Referred to a Movement Disorder Clinic

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Referred to a Movement Disorder Clinic

Postby LisaH » Fri Jul 21, 2017 6:27 pm

I had my follow-up visit with my neurologist today. He was baffled by the intermittent myoclonic jerks that I've had in my torso. He told me that if I wasn't taking gabapentin for the neuralgia, it would probably be much worse. He did a few tests on my arms and legs. One of the tests involved not letting him push my foot down and I was unable to do it. I also couldn't push his hand with my foot in the other direction, so apparently there's weakness somewhere. He's referring me to a university movement disorder clinic to (hopefully) find out what's going on. He also told me that he's holding off on doing an MRI of my brain or spine because they might need to do them at the movement disorder clinic. He's also not sure of what to make of my VEP and OCT results. Has anyone here been referred for a movement disorder? I've read that movement disorders are common with MS, so I'm not sure if my neurologist thinks I might have it or something unrelated. He doesn't strike me as the type who wants to commit to anything unless he's absolutely certain.

(edited to add this) ---> Also... my neurologist wants me to be seen at the movement disorder clinic and also have a follow-up exam with them.. and after that return to him for follow-up. As I was leaving his office, he said, "If they find out what it is, please let me know, will you?"
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Re: Referred to a Movement Disorder Clinic

Postby Snoopy » Sat Jul 22, 2017 6:36 am

I have never been referred for a movement disorder.

It appears your Neurologist is wanting to rule in/out possible other causes for your symptoms. Although there are aspects of movement disorders within the scope of MS there are other possibilities within the movement disorder category.

This link might be helpful for you...or not :smile:
http://www.aans.org/Patients/Neurosurgi ... -Disorders
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Re: Referred to a Movement Disorder Clinic

Postby LisaH » Sat Jul 22, 2017 6:57 pm

Thank you for the reply and the link, Snoopy. My neurologist thinks the daily muscle twitches I'm having are benign fasciculation syndrome. The occasional intense jerking in my torso (it's almost like a forced abdominal crunch) is something different and he's apparently hoping they'll figure it out at the movement disorder clinic.

I've also developed a new symptom over the past week. I was sitting on the couch and suddenly felt a buzzing on the bottom of my left foot that lasted a few seconds. It was like a cell phone on vibrate but much more subtle. Later in the day, I felt the same buzzing in my upper left arm in one spot (about the size of a quarter) which continued off and on for a few hours. During my appointment with the neurologist, it happened again on my lower left arm. I asked him about it and he said, "it's most likely just a nerve" but didn't elaborate at all. Any feedback on this would be appreciated.
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Re: Referred to a Movement Disorder Clinic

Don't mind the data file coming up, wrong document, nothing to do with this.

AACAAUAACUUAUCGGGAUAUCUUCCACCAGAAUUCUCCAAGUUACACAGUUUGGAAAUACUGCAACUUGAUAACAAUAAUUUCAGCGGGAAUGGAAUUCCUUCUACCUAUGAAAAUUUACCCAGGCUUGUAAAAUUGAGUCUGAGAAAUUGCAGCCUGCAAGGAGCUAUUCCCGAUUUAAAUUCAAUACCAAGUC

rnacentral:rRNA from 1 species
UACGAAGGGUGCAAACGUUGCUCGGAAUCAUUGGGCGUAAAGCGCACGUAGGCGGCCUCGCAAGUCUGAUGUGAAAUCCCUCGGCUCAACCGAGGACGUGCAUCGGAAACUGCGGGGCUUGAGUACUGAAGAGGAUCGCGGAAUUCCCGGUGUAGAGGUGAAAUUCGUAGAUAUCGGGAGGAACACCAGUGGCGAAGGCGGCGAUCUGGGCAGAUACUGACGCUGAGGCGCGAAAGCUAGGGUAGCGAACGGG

Postby NHE » Sat Jul 22, 2017 10:58 pm

LisaH wrote:Thank you for the reply and the link, Snoopy. My neurologist thinks the daily muscle twitches I'm having are benign fasciculation syndrome. The occasional intense jerking in my torso (it's almost like a forced abdominal crunch) is something different and he's apparently hoping they'll figure it out at the movement disorder clinic.

Are you taking one of the interferon beta drugs? I used to get a similar torso spasm as a side effect of Avonex. It was like my upper body would just suddenly lurch forward when I was sitting at my computer. It usually meant that it was time to take some ibuprofen to block Avonex's side effects. Taking 200 mg of ibuprofen would calm things down and stop the muscle spasm.
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Re: Referred to a Movement Disorder Clinic

Postby LisaH » Sun Jul 23, 2017 4:57 am

No, NHE, I'm only taking gabapentin. My neurologist said if I wasn't taking it, the benign fasciculation syndrome and myoclonic jerking would probably be much worse. I really hope he knows what he's talking about. It would be a waste of time to see a movement disorder specialist if my symptoms are a side effect of my medication. I've had palatal myoclonus (now called palatal tremor) for many years and he seems to think there's some possible connection. I've also had restless leg syndrome for years but the gabapentin controls that very well. Maybe since I have several movement disorders already, the neurologist thinks I might have others. :wink:
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Re: Referred to a Movement Disorder Clinic

Postby ebrownkirkland » Mon Jul 24, 2017 8:34 am

I have a friend who has hereditary spastic paraplegia. I don't know much about it but I do know that at first, the doctors though she had MS. It's pretty rare from what I understand.
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Re: Referred to a Movement Disorder Clinic

Postby LisaH » Tue Jul 25, 2017 6:07 pm

Thanks for the reply, ebrownkirkland. I'm actually concerned right now that my neurologist might suspect early-onset Parkinson's disease. After researching a bit, I discovered that one of the tests he did was for cogwheel rigidity. He didn't tell me what he was doing at the time or what his findings were. He came around his desk, began testing my arms and then proceeded to test my foot/ankle to see if I could keep him from pushing my foot down. I couldn't. He went back around his desk and told me he was referring me to a movement disorder clinic. I found out today that the earliest appointment is October 30th because this particular university movement disorder clinic stays very booked. They have me on the waiting list in case of a cancellation and I discovered that they also added "priority access" to my appointment (I saw it on the patient portal). I called to ask what that means and she explained that my appointment is to be considered a priority over routine follow-up appointments, etc. and she was surprised that it showed up on the portal for me to see. I did some reading and found out that one of the signs for Parkinson's is reduced arm swing. I have reduced arm swing in my right arm and hadn't given it a thought until I read that. I've also been walking much more slowly recently and that is certainly not typical for me. I'm used to everyone telling me to slow down. Does anyone know of any other reason for my neurologist to do a cogwheel rigidity test on me?